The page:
Bullying can kill
This is alarming news for the UAE. I just can’t image this happening in Abu Dhabi and no one took any notice (“Constant bullying sent this girl into a coma”, Gulf News, June 26). The child went through a near death experience. The school, the education system and the parents are responsible for this. A parent is supposed to be able to judge a child’s behaviour once he or she returns from school. Firstly, if someone is constantly bullied, he or she will not want to go to school regularly. Secondly, he or she will be irritated at home. These are obvious indicators and parents should look for such signs in their children. For bullies, their behaviour reflects problems at home. This could be fights and aggression between the parents, ignorance of the parents and more. There is zero tolerance of bullying in Canada, where such behaviour is considered a crime. Unfortunately, for children here, there is a long way to go. Bullying should be prevented from all educational institutions. Even parents of bullies should be warned so that they can help their children behave better.
From Mr S. Khurram Irshad Solihani
Trump in the dump
Despite First Lady, Melania Trump’s remarks on the fact that the US should lead with the heart, when she went to visit the families who had been separated, her choice of outfit created a social media storm (“Bizarre mystery of Melania’s jacket faux pas”, Gulf News, June 25). She is inconsiderate and I wonder who her advisers are. Wearing something that in plain English says that she doesn’t care, is hurtful and politically incorrect. Many children are being separated from their parents. What Trump has done in the last few months has not been done ever, and this is not a good thing. Trump is really pushing and challenging international peace treaties and boundaries. There is going to come a time where America is going to need other countries of the world and at that point, no one will help them.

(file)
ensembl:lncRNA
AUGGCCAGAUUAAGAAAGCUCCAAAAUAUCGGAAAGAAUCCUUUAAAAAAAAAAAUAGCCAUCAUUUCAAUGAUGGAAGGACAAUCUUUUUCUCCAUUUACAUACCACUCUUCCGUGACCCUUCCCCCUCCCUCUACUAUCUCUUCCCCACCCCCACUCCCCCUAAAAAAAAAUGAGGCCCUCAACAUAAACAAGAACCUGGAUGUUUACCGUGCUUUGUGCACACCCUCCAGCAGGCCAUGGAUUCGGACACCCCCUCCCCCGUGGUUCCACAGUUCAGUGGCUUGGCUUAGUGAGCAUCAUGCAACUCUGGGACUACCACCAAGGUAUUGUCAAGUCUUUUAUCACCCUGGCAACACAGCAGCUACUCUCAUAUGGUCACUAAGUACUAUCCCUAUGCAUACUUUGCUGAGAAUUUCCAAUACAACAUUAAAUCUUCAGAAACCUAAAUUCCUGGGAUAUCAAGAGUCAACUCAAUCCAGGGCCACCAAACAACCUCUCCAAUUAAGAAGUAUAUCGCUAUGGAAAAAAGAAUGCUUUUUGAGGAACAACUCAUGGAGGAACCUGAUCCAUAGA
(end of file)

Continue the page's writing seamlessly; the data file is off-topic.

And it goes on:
From Ms Anushka K.
Positive visa rules for expats
The recent changes in visa regulations are a true reflection of the extent to which the UAE is aware of the problems that expats are facing (“UAE plans amnesty for visa violators”, Gulf News, June 19). Introducing such reforms will help expats breathe a sigh of relief and will help deepen their confidence in the UAE. More so, the visa policy pertaining to people having political unrest in the countries and for the widows and divorcee, is a true reflection of the care the UAE government is extending to the community. Last year was the year of giving and this year is the ‘Year of Zayed’. The Rulers are a continuity of the vision of the late Shaikh Zayed Bin Sultan Al Nayhan. These decisions will benefit a wider range of society. I am hoping for more reform to come.
From Mr Aziz Al Rahman
A humanitarian move by UAE
It’s a clear humanitarian initiative that the UAE has made (“‘UAE gives people affected by war and disaster one-year residency visa’”, Gulf News June 18). They have realised the difficulties of people affected by civilian conflicts in their home country. As millions of people across the world have been struggling for mere survival, this extended opportunity to people would help them make a better life for themselves in the UAE. The enthusiastic youngsters among them must make use of the opportunity they are getting and should contribute their best to retain family values and the sacrifice of those before them. It is obvious that the ‘Year of Zayed’ has been given focus through this initiative. Though the government decision could be a provisional arrangement, the government is trying its best to achieve the set objectives within the framework of the ‘Year of Zayed’. This move is wholeheartedly appreciated by everyone.